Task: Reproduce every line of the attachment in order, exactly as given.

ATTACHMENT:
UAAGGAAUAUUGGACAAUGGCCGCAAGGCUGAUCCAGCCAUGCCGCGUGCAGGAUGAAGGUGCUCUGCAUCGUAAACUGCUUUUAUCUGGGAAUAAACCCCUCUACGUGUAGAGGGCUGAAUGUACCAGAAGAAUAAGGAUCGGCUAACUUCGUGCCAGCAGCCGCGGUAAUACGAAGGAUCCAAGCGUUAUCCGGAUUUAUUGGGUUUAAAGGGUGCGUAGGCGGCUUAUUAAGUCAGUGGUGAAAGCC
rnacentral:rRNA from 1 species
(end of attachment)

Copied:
UAAGGAAUAUUGGACAAUGGCCGCAAGGCUGAUCCAGCCAUGCCGCGUGCAGGAUGAAGGUGCUCUGCAUCGUAAACUGCUUUUAUCUGGGAAUAAACCCCUCUACGUGUAGAGGGCUGAAUGUACCAGAAGAAUAAGGAUCGGCUAACUUCGUGCCAGCAGCCGCGGUAAUACGAAGGAUCCAAGCGUUAUCCGGAUUUAUUGGGUUUAAAGGGUGCGUAGGCGGCUUAUUAAGUCAGUGGUGAAAGCC
rnacentral:rRNA from 1 species